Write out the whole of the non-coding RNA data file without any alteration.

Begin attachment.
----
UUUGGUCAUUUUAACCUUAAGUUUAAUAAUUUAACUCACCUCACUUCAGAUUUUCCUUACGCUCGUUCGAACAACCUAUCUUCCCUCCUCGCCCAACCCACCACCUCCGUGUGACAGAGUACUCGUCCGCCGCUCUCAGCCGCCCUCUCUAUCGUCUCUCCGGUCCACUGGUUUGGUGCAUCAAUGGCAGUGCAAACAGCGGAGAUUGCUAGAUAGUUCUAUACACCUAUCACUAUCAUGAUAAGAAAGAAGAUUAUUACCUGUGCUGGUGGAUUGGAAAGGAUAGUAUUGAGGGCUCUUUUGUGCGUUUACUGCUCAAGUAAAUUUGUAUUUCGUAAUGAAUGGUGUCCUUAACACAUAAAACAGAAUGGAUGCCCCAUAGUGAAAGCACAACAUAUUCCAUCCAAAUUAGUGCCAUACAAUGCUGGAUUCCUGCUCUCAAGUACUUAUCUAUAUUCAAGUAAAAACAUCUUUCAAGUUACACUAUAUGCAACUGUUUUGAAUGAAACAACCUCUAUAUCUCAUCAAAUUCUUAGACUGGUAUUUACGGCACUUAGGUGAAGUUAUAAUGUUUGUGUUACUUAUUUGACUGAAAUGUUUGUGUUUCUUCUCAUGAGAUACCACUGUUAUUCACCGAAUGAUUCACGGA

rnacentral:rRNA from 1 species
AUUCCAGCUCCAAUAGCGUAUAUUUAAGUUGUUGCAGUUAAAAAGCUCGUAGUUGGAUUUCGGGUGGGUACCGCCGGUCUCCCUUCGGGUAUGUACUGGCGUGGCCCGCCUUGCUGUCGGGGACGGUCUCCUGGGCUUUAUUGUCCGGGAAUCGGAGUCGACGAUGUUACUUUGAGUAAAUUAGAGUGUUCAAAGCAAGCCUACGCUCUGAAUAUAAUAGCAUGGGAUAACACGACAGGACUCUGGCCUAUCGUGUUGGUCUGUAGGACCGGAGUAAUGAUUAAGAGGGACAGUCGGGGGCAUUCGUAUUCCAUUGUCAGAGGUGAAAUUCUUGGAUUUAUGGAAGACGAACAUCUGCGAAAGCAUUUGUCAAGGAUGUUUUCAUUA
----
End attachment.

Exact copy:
UUUGGUCAUUUUAACCUUAAGUUUAAUAAUUUAACUCACCUCACUUCAGAUUUUCCUUACGCUCGUUCGAACAACCUAUCUUCCCUCCUCGCCCAACCCACCACCUCCGUGUGACAGAGUACUCGUCCGCCGCUCUCAGCCGCCCUCUCUAUCGUCUCUCCGGUCCACUGGUUUGGUGCAUCAAUGGCAGUGCAAACAGCGGAGAUUGCUAGAUAGUUCUAUACACCUAUCACUAUCAUGAUAAGAAAGAAGAUUAUUACCUGUGCUGGUGGAUUGGAAAGGAUAGUAUUGAGGGCUCUUUUGUGCGUUUACUGCUCAAGUAAAUUUGUAUUUCGUAAUGAAUGGUGUCCUUAACACAUAAAACAGAAUGGAUGCCCCAUAGUGAAAGCACAACAUAUUCCAUCCAAAUUAGUGCCAUACAAUGCUGGAUUCCUGCUCUCAAGUACUUAUCUAUAUUCAAGUAAAAACAUCUUUCAAGUUACACUAUAUGCAACUGUUUUGAAUGAAACAACCUCUAUAUCUCAUCAAAUUCUUAGACUGGUAUUUACGGCACUUAGGUGAAGUUAUAAUGUUUGUGUUACUUAUUUGACUGAAAUGUUUGUGUUUCUUCUCAUGAGAUACCACUGUUAUUCACCGAAUGAUUCACGGA

rnacentral:rRNA from 1 species
AUUCCAGCUCCAAUAGCGUAUAUUUAAGUUGUUGCAGUUAAAAAGCUCGUAGUUGGAUUUCGGGUGGGUACCGCCGGUCUCCCUUCGGGUAUGUACUGGCGUGGCCCGCCUUGCUGUCGGGGACGGUCUCCUGGGCUUUAUUGUCCGGGAAUCGGAGUCGACGAUGUUACUUUGAGUAAAUUAGAGUGUUCAAAGCAAGCCUACGCUCUGAAUAUAAUAGCAUGGGAUAACACGACAGGACUCUGGCCUAUCGUGUUGGUCUGUAGGACCGGAGUAAUGAUUAAGAGGGACAGUCGGGGGCAUUCGUAUUCCAUUGUCAGAGGUGAAAUUCUUGGAUUUAUGGAAGACGAACAUCUGCGAAAGCAUUUGUCAAGGAUGUUUUCAUUA